This Jasmine-Infused Serum Stick Is Nature’s ‘Magic Eraser’ for Dull Skin

Graphic: Well+Good Creative
At first glance, jasmine seems like a rather unassuming little flower. The delicate white petals could almost be mistaken for the wispy sort of thing that you'd find sprinkled over a dish to make your dinner more decorative. But get close enough and the heady siren scent reminds you that it's potent and powerful little bud. So, in many ways, there's no better bloom for Diptyque—a brand made famous for its fragrances—to pluck for its new skin-care launch.

The Infused Face Serum ($68) uses a proprietary jasmine-derived ingredient called Floracera to smooth and hydrate complexions. With every inhale, you'll catch just a chase of the note in the air, reminding you not only of sun-dappled French vines dripping with white flowers, but of your skin benefiting from the goodness. The star ingredient acts as an antioxidant to fend off free radical damage, which can result in a host of skin conditions like hyperpigmentation, fine lines, and wrinkles. Jasmine unites with radiance-boosting vitamin E, and tuberose and Narcissus poeticus extracts to brighten and plump skin, as if it were nature's magic eraser.

Diptyque Infused Face Serum, $68

Photo: Diptyque

Diptyque's serum stick was inspired by a perfuming extraction method known as enfleurage, wherein petals of particular flowers are laid between solid fats in order to obtaining their scent in a usable form. The heritage technique, however, pushes skin care forward, creating an innovative new application format that makes it easy to tailor to your skin's needs. The stick allows you to swipe the serum over your skin in a targeted manner that makes it great for combination skin types (like mine!) who have dry cheeks and an oily T-zone.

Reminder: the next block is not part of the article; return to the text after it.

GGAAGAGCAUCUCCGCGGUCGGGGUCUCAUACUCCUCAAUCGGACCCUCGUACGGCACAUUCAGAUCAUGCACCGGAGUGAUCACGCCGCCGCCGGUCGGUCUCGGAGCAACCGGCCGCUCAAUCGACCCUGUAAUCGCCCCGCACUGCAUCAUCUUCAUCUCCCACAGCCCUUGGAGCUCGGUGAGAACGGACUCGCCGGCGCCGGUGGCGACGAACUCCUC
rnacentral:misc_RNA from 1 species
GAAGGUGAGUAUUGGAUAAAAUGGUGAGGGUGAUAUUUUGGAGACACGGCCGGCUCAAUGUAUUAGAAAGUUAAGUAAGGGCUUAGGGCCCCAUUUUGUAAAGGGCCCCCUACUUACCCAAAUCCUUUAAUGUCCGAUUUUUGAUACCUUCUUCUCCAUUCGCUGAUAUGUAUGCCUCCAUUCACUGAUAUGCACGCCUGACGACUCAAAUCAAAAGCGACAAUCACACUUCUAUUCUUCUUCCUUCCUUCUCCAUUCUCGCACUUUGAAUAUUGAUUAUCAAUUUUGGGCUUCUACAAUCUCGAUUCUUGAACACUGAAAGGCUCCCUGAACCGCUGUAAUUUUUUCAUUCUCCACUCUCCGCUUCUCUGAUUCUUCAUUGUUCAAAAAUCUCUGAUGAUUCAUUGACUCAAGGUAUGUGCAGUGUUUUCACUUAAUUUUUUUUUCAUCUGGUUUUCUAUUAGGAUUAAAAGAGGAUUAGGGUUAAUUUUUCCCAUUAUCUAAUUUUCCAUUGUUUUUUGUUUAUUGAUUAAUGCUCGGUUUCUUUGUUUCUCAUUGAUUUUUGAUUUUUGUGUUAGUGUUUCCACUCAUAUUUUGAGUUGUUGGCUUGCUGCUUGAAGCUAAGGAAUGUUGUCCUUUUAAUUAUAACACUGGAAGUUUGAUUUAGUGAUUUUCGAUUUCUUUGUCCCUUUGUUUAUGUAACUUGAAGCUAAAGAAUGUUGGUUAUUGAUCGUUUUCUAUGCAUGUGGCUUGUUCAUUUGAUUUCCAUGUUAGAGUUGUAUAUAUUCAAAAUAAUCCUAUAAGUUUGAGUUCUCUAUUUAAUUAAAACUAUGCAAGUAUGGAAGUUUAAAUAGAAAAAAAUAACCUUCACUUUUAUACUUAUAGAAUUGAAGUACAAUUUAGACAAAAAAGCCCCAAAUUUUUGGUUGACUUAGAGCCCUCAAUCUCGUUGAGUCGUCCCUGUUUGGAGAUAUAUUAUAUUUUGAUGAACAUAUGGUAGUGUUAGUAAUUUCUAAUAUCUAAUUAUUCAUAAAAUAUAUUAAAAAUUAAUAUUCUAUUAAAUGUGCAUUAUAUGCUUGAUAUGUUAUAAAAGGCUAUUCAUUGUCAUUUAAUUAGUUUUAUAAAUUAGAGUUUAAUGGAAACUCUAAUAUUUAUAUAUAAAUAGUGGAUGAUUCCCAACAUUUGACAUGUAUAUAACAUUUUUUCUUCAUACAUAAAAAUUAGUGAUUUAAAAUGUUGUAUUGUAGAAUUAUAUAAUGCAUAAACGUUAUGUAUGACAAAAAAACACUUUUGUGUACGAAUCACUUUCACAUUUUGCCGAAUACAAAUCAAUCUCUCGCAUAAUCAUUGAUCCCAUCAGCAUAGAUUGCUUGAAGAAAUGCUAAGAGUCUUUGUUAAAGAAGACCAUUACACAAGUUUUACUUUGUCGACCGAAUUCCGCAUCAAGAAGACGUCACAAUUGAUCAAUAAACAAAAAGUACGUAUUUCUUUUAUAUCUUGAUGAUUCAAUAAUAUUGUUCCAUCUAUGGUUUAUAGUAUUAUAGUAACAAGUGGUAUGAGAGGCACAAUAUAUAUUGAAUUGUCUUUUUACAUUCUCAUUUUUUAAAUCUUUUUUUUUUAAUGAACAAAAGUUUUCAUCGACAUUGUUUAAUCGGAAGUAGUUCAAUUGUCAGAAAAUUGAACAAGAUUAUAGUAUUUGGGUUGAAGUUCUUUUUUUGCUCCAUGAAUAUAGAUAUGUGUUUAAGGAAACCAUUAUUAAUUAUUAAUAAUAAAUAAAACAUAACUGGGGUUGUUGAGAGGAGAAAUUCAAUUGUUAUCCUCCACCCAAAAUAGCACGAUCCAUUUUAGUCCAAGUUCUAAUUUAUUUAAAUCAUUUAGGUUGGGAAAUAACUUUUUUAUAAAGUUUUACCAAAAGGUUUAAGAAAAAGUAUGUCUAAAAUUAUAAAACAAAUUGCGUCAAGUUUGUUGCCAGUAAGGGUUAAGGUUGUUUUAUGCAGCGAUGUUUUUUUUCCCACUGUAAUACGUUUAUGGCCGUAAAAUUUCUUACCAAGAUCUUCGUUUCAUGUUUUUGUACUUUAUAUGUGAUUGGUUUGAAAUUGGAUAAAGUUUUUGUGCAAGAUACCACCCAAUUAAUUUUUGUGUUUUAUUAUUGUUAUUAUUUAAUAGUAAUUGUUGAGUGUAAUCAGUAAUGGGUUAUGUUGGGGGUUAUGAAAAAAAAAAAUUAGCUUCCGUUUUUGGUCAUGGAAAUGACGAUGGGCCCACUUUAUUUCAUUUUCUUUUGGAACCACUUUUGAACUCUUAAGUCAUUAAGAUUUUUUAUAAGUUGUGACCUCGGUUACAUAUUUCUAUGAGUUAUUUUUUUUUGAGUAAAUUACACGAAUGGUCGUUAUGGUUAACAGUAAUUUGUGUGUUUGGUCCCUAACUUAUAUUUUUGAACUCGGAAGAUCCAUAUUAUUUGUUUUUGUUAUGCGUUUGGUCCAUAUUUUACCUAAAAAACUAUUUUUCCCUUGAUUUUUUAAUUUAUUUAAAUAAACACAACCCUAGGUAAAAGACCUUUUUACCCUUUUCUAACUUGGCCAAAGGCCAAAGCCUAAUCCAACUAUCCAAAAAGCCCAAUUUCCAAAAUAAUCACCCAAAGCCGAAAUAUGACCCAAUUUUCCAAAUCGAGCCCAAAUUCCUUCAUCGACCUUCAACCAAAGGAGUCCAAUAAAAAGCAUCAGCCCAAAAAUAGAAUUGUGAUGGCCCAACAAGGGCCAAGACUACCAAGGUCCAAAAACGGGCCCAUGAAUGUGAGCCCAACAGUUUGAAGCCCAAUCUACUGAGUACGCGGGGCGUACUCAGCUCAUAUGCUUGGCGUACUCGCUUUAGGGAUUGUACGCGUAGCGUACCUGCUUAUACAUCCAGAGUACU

On skin, the serum feels almost cooling, as if it will leave behind a frosty effect on skin (after all, the brand recommends placing the stick in the refrigerator for storage to make the experience even more soothing and enjoyable). In circular motions, I move the tube all over my face, feeling the serum getting pushed deep into my complexion. I'm surprised to find that the finish on skin isn't syrupy or waxy in the way that some skin solids can sometimes be. But instead there's an airy, dry finish that brightens my without looking super oily.

I use the serum as a middle step in my morning skin-care routine. I find that throughout the day, however, it's also a nice refresh for my skin. Especially in the new world order that largely exists without wanderlust, finding a way to enliven the senses and awaken the complexion all at once feels like the next-best thing to hopping on a plane in search of the white vine of jasmine cascading at a dreamy spa. If my skin can benefit at the same time? All the better.

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